Dave has also been passed up for promotions, failed at launching his first business, and still fights through an occasional fear of speaking to people. He lives in Southern California with his wife and two children.
Don’t be deterred by the title as it seems to go against the idea promoted by Simon Sinek that leaders should “eat last”, at least that was my husband’s first reaction when I shared the title of the podcast I’d found inspiring. Keith Ferrazzi offers insight into creating an environment of authenticity and psychological safety by walking the talk as a leader, by meeting others where they are rather than expecting them to meet you halfway. By having the humility to take the first step, going first, and choosing to be a leader who is authentic and transparent, you set the tone and create the container for those around you to show up the same way. Another insight that struck me and is still sitting with me is that “fear and scarcity breed perfectionism.” This helped me to think more deeply about my own penchant for perfectionism and the drivers behind my efforts. In order to change, one must first see what lies beneath. I have been inspired by the new lens, and hope you find some inspiration and new awareness through this podcast, too.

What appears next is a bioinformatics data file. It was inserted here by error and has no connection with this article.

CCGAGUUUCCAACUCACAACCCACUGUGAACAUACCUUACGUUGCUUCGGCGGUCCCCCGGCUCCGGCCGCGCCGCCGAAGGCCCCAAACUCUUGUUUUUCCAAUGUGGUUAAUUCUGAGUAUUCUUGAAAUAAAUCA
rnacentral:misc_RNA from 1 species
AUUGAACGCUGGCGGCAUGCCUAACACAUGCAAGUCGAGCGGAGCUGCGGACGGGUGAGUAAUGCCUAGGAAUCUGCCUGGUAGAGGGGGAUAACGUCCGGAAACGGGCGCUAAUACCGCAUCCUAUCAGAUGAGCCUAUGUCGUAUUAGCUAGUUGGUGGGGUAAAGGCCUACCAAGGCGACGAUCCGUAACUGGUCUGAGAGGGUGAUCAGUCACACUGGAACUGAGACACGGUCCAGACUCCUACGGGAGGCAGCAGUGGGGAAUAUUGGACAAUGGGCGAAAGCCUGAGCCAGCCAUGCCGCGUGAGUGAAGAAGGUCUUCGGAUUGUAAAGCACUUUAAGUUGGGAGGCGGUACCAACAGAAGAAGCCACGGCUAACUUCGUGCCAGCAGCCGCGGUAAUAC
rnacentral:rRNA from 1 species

Keith Ferrazzi is the founder and CEO of Ferrazzi Greenlight, a management consulting and team coaching company that works with many of the world’s biggest corporations. A graduate of Harvard Business School, Keith rose to become the youngest CMO of a Fortune 500 company during his career at Deloitte, and later became CMO if Starwood Hotels.
Keith is a frequent contributor to Harvard Business Review, Forbes, and Fortune, and the #1 New York Times bestselling author of Who’s Got Your Back, and Never Eat Alone. He’s the author of the new book, Leading without Authority: How the New Power of Co-Elevation Can Break Down Silos, Transform Teams, and Reinvent Collaboration.
In this conversation, Keith and Dave discuss the importance of co-elevation in leadership. They also explore the six deadly sins that leaders should avoid and discuss why it’s not all on you, especially at the start.
Book I am Reading and Reflecting Upon: